Police are investigating an incident involving former NSW deputy premier John Barilaro and a cameraman after he accused the media of harassment and having a camera “shoved in his face” on Saturday night.
Mr Barilaro, who is at the centre of a political storm over his appointment to a $500,000 taxpayer-funded trade commissioner’s role, described being confronted on Saturday night after he was spotted having a pizza and a few drinks with friends.
Breaking his silence over the political scandal, he told 2GB radio that there was “no conspiracy” and he desperately wanted to give evidence over the process of his appointment.
He accused the Labor Party of turning the matter into a “circus” and refusing to allow him to give evidence at an inquiry into the trade commissioner’s role.
“This is why cameramen are chasing me down the street. Like I’m a criminal. There are no criminal charges against (me). I’ve done nothing wrong. Nothing wrong,’’ he told 2GB radio.
“You know, for me to break my silence. I’ve stayed quiet during this whole ordeal. What did I do? I applied for a job, a trade job and the process can be detailed if given the opportunity to go to a hearing.
“But the upper house won’t call me to the hearing because I don’t want to hear the truth.”
Mr Barilaro insisted he was now “a private citizen” after he quit politics.
“And on Saturday night, I went out with friends for a few drinks for a pizza to come out in the dark and have a camera shoved in your face, a microphone in your face,’’ he said.
“And I at that point, you know I asked him just to walk away I’ve got nothing to say. But the constant harassment.
“I was confronted in the dark outside of the bar. I tell you what, I’ll ask the question of anyone that’s listening today, if that was you. How would you respond? All I did was push a camera. I did not man handle an individual.”
Mr Barilaro said he was happy to make himself available to the inquiry into the job this week.
“I’m calling on the Labor Party to stop playing games in the Upper House. Call me to the inquiry because it’s you that’s causing this intrusion and it’s harassment,’’ he said.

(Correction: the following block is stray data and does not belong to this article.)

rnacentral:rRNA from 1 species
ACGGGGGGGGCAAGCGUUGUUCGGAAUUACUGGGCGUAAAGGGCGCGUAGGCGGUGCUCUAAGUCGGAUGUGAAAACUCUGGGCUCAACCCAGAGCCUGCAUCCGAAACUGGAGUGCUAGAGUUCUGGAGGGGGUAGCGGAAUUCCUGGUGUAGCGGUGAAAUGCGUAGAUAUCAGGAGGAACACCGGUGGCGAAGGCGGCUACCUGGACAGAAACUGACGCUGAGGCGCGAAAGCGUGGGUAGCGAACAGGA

“Now is your chance. I’m available to turn into an inquiry hearing this week to talk about my side of the story. And let’s do that before this gets even uglier.”
Two years ago, Mr Barilaro was forced to take mental health leave after torrid week in politics over koala policy.
After the issue sparked a civil war in Coalition circles he took four weeks mental health leave.
In a text to colleagues at the time he spoke of his mental health “struggles”.
“Some of you are aware of the issues I have been dealing with, added with the past 10 days, I’m not in a good way. On strong advice I really need this time for me,’’ he said.
“I’m struggling. I have never felt this way and I need to address everything I’m facing.”’
Opposition Leader Chris Minns has seized on “explosive revelations” in recent days from Mr Barilaro’s chief of staff Mark Connell that the then-deputy premier had stated as early as 2019 that he wanted a New York trade job for “when I get the f**k out of this place”.
In a submission to the parliamentary inquiry, Mark Connell recounted a conversation he claims to have had with his then-boss in April 2019.
He claims Mr Barilaro came to see him following a meeting with then-treasurer Dominic Perrottet and minister for investment, Stuart Ayres, over plans to create six senior trade postings in cities around the world.
“This is it; this is the job for when I get the f**k out of this place,” Mr Connell alleges that Barilaro told him after the meeting.
Mr Barilaro has rejected the accusation as false.
“If true it’s a huge revelation – it would indicate that a job was created for John Barilaro and a selection process was effectively rigged,” Mr Minns said.
Originally published as John Barilaro filmed in confrontation with cameraman